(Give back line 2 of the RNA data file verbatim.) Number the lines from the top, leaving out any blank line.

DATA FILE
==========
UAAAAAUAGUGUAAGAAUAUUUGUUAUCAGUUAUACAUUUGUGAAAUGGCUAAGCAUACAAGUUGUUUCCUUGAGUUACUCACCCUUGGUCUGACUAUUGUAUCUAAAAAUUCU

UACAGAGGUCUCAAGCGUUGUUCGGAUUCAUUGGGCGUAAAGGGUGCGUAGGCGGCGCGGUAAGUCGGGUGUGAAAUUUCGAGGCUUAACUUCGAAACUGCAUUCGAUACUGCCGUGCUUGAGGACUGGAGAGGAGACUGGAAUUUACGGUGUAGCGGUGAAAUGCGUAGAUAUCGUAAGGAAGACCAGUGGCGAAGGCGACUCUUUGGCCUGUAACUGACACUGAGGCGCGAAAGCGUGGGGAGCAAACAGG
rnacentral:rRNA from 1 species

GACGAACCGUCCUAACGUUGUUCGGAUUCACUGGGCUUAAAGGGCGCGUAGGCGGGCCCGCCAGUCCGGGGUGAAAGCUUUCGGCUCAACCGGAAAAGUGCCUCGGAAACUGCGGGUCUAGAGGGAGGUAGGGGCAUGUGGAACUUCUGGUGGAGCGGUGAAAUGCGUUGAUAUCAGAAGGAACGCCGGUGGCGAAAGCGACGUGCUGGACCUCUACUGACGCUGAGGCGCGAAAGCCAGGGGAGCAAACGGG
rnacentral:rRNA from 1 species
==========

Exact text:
UACAGAGGUCUCAAGCGUUGUUCGGAUUCAUUGGGCGUAAAGGGUGCGUAGGCGGCGCGGUAAGUCGGGUGUGAAAUUUCGAGGCUUAACUUCGAAACUGCAUUCGAUACUGCCGUGCUUGAGGACUGGAGAGGAGACUGGAAUUUACGGUGUAGCGGUGAAAUGCGUAGAUAUCGUAAGGAAGACCAGUGGCGAAGGCGACUCUUUGGCCUGUAACUGACACUGAGGCGCGAAAGCGUGGGGAGCAAACAGG